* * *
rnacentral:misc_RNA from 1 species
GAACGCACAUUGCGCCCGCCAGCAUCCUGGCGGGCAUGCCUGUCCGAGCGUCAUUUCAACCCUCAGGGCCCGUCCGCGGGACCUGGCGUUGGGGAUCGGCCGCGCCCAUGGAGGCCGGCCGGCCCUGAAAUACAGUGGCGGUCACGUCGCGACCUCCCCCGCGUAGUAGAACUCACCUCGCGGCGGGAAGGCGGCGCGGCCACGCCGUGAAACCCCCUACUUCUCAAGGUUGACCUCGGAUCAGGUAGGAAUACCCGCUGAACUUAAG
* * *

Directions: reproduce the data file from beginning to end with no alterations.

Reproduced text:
rnacentral:misc_RNA from 1 species
GAACGCACAUUGCGCCCGCCAGCAUCCUGGCGGGCAUGCCUGUCCGAGCGUCAUUUCAACCCUCAGGGCCCGUCCGCGGGACCUGGCGUUGGGGAUCGGCCGCGCCCAUGGAGGCCGGCCGGCCCUGAAAUACAGUGGCGGUCACGUCGCGACCUCCCCCGCGUAGUAGAACUCACCUCGCGGCGGGAAGGCGGCGCGGCCACGCCGUGAAACCCCCUACUUCUCAAGGUUGACCUCGGAUCAGGUAGGAAUACCCGCUGAACUUAAG